Ireland’s commitments on climate change fall far short of what’s needed, committee told
Ireland has potential to adopt ‘nature-based solutions’ such as the use of peatlands to capture carbon dioxide, climate expert says
From right to left: Dr Pierre Marie Aubert, co-ordinator of the European Agriculture Initiative, Prof Valerie Masson-Delmotte, co-chair of UN Working Group 1 for the IPCC report, Georgina Teslary, Mercy Secondary School, Inchicore, Elaine Nevin, Eco-UNesco’s national director, Edward Tierney, DFEI Dun Laoghaire, and Prof Peter Thorne, director of Icarus at the Royal Irish Academy. Photograph: Jenny Barker
Environment & Science Editor
Ireland’s current commitments on climate change fall far short of what is required if global warming is to be limited to a rise of 1.5 degrees, one of the lead authors of a landmark UN report has told an Oireachtas committee.
Prof Valérie Masson-Delmotte, an expert in climate extremes, told the Oireachtas Committee on Climate Action on Wednesday that achieving such a target “is not impossible but requires unprecedented transitions in all aspects of society”.
In trying to limit the rise to 1.5 degrees above pre-industrial levels “each half degree matters”, as risks, including extreme weather events, would increase with a warming world, she said.
Prof Masson-Delmotte is co-chair of of one of the working groups which produced the UN Intergovernmental Panel on Climate Change (IPCC) report, published last month.
To achieve the target, global emissions of carbon dioxide needed to fall by about 50 per cent by 2030, and reach “net zero” around 2050, she said. Ireland’s current targets are a 30 per cent reduction by 2030, and 80 per cent by 2050.
The 1.5 degrees scenario “implies rapid changes on an unprecedented scale in energy, infrastructure and industrial systems”, Prof Masson-Delmotte said, and there was a need to remove carbon dioxide on a large scale from the atmosphere during this century.
Methods for doing this included land management, afforestation, changing agriculture practices, generating bioenergy and “carbon capture and storage” (CCS) – though some of these approaches were at the early stages of development. This would also have implications for food security, ecosystems and biodiversity.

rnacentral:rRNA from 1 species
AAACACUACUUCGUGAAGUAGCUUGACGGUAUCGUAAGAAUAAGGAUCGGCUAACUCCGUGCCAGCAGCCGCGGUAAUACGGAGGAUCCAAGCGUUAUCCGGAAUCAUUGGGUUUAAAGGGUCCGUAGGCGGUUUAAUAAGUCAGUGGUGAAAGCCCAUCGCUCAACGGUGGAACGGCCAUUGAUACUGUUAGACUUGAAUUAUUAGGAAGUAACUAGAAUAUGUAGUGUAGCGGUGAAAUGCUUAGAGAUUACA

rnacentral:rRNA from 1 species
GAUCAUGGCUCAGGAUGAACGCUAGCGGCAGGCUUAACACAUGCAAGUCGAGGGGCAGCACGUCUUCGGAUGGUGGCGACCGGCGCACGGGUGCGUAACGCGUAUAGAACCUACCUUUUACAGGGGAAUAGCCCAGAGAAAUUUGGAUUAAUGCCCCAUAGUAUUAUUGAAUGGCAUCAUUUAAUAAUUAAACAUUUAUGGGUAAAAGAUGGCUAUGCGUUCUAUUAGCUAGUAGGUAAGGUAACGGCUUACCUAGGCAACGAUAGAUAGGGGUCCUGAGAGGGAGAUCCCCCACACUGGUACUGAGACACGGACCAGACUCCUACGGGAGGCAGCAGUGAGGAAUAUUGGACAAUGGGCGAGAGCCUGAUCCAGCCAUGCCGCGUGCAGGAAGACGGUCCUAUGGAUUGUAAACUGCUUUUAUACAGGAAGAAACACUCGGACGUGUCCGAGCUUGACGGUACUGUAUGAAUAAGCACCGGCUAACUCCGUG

A big conversation was needed on “what you want to pay farmers for producing more food, preserving water or sequestering carbon”, she said.
Ireland had the potential to adopt “nature-based solutions” such as the use of peatlands to capture CO2. It was one of the least costly options and brought multiple benefits but more knowledge was needed on the approach.
Dr Pierre-Marie Aubert, co-ordinator of the European Agriculture Initiative said the UN 1.5 degrees report had suggested different pathways to contain warming to that figure, “the land sector” was critical in all options.
Included under that heading was reducing emissions from agriculture and increasing the ability to capture carbon using farmland “meaning that large areas of pasture and non-pasture areas should be devoted to afforestation or bioenergy combined with CCS”.
This had obvious implications for Irish agriculture, he accepted, especially as it was on a path of intensification and specialisation notably in dairying and beef production, as reflected in the Food Harvest 2020 strategy.
In such a scenario, emissions from farming, coinciding with an increase in the national herd, would rise in the period up to 2030. While Irish farmers might be carbon efficient, he did not regard this as a viable option, given the need for the agriculture sector “to reduce its emissions and to provide carbon removal potential for other sectors and to produce biomass for energy and other purposes to contribute to substitution of fossil carbon by renewable carbon”.
People Before Profit TD Bríd Smith said Dr Aubert’s remarks showed Ireland’s current agricultural policy was not sustainable and under its current make-up “will leave us well short of our CO2 obligations for 2020, 2030 and 2050”.
She added: “Ireland’s agricultural policy has to change. We have to reduce herd numbers. Increasing the herd numbers, which seems to be the Government policy, will only contribute to our CO2 emissions.”
Speaking earlier at an event organised by the Irish Climate Change Analysis and Research Units (Icarus) at Maynooth University, in conjunction with ECO-UNESCO , Prof Masson-Delmotte told a group of transition year students the good news was that change was happening but that progress was too slow.
The IPCC report had evaluated climate pledges by countries, and based on current performance, “we are heading for 3 degrees plus”, she noted.
Prof Peter Thorne of Icarus rejected the view that Ireland’s response was “too little, too late”. The country was not alone in making climate promises it could not keep. The response should, however, be apolitical, include good governance and a longer-term approach that “outlives changes in administrations”.
Ireland could become a leader in transitioning to “a post-carbon age” but there was an absence of political will, he said.